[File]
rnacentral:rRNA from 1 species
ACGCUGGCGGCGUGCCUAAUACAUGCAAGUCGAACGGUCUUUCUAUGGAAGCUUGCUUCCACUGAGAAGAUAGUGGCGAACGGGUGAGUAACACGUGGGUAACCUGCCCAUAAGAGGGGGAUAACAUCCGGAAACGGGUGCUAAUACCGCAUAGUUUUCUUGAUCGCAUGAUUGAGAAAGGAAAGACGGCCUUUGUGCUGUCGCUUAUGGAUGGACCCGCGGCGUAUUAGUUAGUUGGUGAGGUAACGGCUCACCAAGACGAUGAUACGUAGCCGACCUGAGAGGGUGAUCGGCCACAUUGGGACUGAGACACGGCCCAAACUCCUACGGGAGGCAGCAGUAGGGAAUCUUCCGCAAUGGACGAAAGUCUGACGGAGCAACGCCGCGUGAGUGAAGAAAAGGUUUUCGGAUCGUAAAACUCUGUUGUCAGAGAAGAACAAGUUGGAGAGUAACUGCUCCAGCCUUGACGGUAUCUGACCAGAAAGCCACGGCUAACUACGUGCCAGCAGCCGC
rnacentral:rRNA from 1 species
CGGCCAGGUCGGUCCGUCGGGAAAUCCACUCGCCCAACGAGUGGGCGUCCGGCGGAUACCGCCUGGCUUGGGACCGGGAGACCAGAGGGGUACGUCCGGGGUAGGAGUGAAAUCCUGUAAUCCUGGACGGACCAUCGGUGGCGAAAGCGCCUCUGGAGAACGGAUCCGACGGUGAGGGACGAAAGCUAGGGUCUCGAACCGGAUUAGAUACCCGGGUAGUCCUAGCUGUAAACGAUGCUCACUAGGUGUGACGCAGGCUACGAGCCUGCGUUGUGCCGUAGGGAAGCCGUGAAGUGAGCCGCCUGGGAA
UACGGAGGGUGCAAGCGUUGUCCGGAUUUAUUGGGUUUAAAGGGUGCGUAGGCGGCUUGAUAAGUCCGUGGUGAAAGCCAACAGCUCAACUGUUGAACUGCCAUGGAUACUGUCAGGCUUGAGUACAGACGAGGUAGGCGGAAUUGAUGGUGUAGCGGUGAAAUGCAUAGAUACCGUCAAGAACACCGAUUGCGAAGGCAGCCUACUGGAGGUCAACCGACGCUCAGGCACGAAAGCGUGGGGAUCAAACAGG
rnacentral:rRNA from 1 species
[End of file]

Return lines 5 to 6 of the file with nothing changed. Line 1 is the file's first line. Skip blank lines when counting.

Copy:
UACGGAGGGUGCAAGCGUUGUCCGGAUUUAUUGGGUUUAAAGGGUGCGUAGGCGGCUUGAUAAGUCCGUGGUGAAAGCCAACAGCUCAACUGUUGAACUGCCAUGGAUACUGUCAGGCUUGAGUACAGACGAGGUAGGCGGAAUUGAUGGUGUAGCGGUGAAAUGCAUAGAUACCGUCAAGAACACCGAUUGCGAAGGCAGCCUACUGGAGGUCAACCGACGCUCAGGCACGAAAGCGUGGGGAUCAAACAGG
rnacentral:rRNA from 1 species